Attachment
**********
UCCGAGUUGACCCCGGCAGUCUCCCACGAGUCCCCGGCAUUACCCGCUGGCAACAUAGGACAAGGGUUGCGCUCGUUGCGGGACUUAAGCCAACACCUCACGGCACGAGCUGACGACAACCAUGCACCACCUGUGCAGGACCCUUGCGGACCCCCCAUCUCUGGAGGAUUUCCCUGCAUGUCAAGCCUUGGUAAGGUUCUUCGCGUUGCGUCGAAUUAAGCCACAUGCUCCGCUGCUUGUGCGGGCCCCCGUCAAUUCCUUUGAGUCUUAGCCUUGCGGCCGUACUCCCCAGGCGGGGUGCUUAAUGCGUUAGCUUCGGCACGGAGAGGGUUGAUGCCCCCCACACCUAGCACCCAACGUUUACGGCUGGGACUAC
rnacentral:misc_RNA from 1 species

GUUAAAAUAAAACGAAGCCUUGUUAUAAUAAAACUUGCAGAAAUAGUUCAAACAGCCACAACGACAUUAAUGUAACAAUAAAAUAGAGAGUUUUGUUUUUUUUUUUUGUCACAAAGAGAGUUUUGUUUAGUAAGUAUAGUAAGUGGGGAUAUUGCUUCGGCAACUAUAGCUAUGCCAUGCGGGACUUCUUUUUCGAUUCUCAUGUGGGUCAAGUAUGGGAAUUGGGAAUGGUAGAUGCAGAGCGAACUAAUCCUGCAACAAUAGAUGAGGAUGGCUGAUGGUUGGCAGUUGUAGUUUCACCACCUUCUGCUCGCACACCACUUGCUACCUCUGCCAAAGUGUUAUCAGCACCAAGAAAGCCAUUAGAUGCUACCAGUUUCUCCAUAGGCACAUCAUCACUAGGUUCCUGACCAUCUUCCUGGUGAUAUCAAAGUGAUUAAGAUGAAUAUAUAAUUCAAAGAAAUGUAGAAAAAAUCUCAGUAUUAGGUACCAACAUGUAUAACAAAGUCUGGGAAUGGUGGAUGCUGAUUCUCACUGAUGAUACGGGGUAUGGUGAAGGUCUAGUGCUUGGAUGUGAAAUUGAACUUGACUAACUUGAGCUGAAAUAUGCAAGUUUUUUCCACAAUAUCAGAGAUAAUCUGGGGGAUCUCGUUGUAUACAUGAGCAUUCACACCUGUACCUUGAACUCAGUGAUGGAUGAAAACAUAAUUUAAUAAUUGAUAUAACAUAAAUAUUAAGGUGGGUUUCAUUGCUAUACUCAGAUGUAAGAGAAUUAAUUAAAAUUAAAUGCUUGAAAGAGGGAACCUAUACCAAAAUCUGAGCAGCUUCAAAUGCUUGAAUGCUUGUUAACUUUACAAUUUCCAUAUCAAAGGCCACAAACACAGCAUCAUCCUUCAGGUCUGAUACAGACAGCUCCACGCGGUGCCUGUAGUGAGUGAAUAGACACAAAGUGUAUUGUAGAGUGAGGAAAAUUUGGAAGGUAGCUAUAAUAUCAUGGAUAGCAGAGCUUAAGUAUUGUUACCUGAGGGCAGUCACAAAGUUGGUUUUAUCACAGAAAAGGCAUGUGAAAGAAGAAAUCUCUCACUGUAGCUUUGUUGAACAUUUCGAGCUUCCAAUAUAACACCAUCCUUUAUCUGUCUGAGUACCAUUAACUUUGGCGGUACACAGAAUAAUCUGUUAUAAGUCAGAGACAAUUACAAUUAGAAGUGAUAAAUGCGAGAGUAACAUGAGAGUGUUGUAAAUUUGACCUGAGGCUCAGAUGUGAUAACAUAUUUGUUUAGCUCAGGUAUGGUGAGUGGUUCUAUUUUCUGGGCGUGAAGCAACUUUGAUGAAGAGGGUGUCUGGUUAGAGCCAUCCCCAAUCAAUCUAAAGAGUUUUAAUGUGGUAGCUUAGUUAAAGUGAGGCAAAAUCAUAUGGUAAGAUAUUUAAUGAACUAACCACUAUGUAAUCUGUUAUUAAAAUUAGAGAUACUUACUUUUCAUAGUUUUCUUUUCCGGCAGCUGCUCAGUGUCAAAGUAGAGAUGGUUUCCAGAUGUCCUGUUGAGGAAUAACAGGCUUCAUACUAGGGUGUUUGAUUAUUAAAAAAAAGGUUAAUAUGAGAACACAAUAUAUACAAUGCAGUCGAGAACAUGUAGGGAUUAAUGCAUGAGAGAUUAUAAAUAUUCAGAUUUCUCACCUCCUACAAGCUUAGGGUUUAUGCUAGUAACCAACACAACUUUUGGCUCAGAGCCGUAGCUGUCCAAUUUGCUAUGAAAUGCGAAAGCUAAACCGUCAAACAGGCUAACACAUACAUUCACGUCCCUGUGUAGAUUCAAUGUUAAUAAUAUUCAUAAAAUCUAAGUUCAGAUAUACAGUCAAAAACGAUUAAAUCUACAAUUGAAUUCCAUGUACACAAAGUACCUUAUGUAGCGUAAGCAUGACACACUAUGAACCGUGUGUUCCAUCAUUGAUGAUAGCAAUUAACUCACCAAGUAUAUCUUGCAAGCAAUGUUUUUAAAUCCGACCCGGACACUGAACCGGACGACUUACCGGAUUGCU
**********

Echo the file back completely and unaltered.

UCCGAGUUGACCCCGGCAGUCUCCCACGAGUCCCCGGCAUUACCCGCUGGCAACAUAGGACAAGGGUUGCGCUCGUUGCGGGACUUAAGCCAACACCUCACGGCACGAGCUGACGACAACCAUGCACCACCUGUGCAGGACCCUUGCGGACCCCCCAUCUCUGGAGGAUUUCCCUGCAUGUCAAGCCUUGGUAAGGUUCUUCGCGUUGCGUCGAAUUAAGCCACAUGCUCCGCUGCUUGUGCGGGCCCCCGUCAAUUCCUUUGAGUCUUAGCCUUGCGGCCGUACUCCCCAGGCGGGGUGCUUAAUGCGUUAGCUUCGGCACGGAGAGGGUUGAUGCCCCCCACACCUAGCACCCAACGUUUACGGCUGGGACUAC
rnacentral:misc_RNA from 1 species

GUUAAAAUAAAACGAAGCCUUGUUAUAAUAAAACUUGCAGAAAUAGUUCAAACAGCCACAACGACAUUAAUGUAACAAUAAAAUAGAGAGUUUUGUUUUUUUUUUUUGUCACAAAGAGAGUUUUGUUUAGUAAGUAUAGUAAGUGGGGAUAUUGCUUCGGCAACUAUAGCUAUGCCAUGCGGGACUUCUUUUUCGAUUCUCAUGUGGGUCAAGUAUGGGAAUUGGGAAUGGUAGAUGCAGAGCGAACUAAUCCUGCAACAAUAGAUGAGGAUGGCUGAUGGUUGGCAGUUGUAGUUUCACCACCUUCUGCUCGCACACCACUUGCUACCUCUGCCAAAGUGUUAUCAGCACCAAGAAAGCCAUUAGAUGCUACCAGUUUCUCCAUAGGCACAUCAUCACUAGGUUCCUGACCAUCUUCCUGGUGAUAUCAAAGUGAUUAAGAUGAAUAUAUAAUUCAAAGAAAUGUAGAAAAAAUCUCAGUAUUAGGUACCAACAUGUAUAACAAAGUCUGGGAAUGGUGGAUGCUGAUUCUCACUGAUGAUACGGGGUAUGGUGAAGGUCUAGUGCUUGGAUGUGAAAUUGAACUUGACUAACUUGAGCUGAAAUAUGCAAGUUUUUUCCACAAUAUCAGAGAUAAUCUGGGGGAUCUCGUUGUAUACAUGAGCAUUCACACCUGUACCUUGAACUCAGUGAUGGAUGAAAACAUAAUUUAAUAAUUGAUAUAACAUAAAUAUUAAGGUGGGUUUCAUUGCUAUACUCAGAUGUAAGAGAAUUAAUUAAAAUUAAAUGCUUGAAAGAGGGAACCUAUACCAAAAUCUGAGCAGCUUCAAAUGCUUGAAUGCUUGUUAACUUUACAAUUUCCAUAUCAAAGGCCACAAACACAGCAUCAUCCUUCAGGUCUGAUACAGACAGCUCCACGCGGUGCCUGUAGUGAGUGAAUAGACACAAAGUGUAUUGUAGAGUGAGGAAAAUUUGGAAGGUAGCUAUAAUAUCAUGGAUAGCAGAGCUUAAGUAUUGUUACCUGAGGGCAGUCACAAAGUUGGUUUUAUCACAGAAAAGGCAUGUGAAAGAAGAAAUCUCUCACUGUAGCUUUGUUGAACAUUUCGAGCUUCCAAUAUAACACCAUCCUUUAUCUGUCUGAGUACCAUUAACUUUGGCGGUACACAGAAUAAUCUGUUAUAAGUCAGAGACAAUUACAAUUAGAAGUGAUAAAUGCGAGAGUAACAUGAGAGUGUUGUAAAUUUGACCUGAGGCUCAGAUGUGAUAACAUAUUUGUUUAGCUCAGGUAUGGUGAGUGGUUCUAUUUUCUGGGCGUGAAGCAACUUUGAUGAAGAGGGUGUCUGGUUAGAGCCAUCCCCAAUCAAUCUAAAGAGUUUUAAUGUGGUAGCUUAGUUAAAGUGAGGCAAAAUCAUAUGGUAAGAUAUUUAAUGAACUAACCACUAUGUAAUCUGUUAUUAAAAUUAGAGAUACUUACUUUUCAUAGUUUUCUUUUCCGGCAGCUGCUCAGUGUCAAAGUAGAGAUGGUUUCCAGAUGUCCUGUUGAGGAAUAACAGGCUUCAUACUAGGGUGUUUGAUUAUUAAAAAAAAGGUUAAUAUGAGAACACAAUAUAUACAAUGCAGUCGAGAACAUGUAGGGAUUAAUGCAUGAGAGAUUAUAAAUAUUCAGAUUUCUCACCUCCUACAAGCUUAGGGUUUAUGCUAGUAACCAACACAACUUUUGGCUCAGAGCCGUAGCUGUCCAAUUUGCUAUGAAAUGCGAAAGCUAAACCGUCAAACAGGCUAACACAUACAUUCACGUCCCUGUGUAGAUUCAAUGUUAAUAAUAUUCAUAAAAUCUAAGUUCAGAUAUACAGUCAAAAACGAUUAAAUCUACAAUUGAAUUCCAUGUACACAAAGUACCUUAUGUAGCGUAAGCAUGACACACUAUGAACCGUGUGUUCCAUCAUUGAUGAUAGCAAUUAACUCACCAAGUAUAUCUUGCAAGCAAUGUUUUUAAAUCCGACCCGGACACUGAACCGGACGACUUACCGGAUUGCU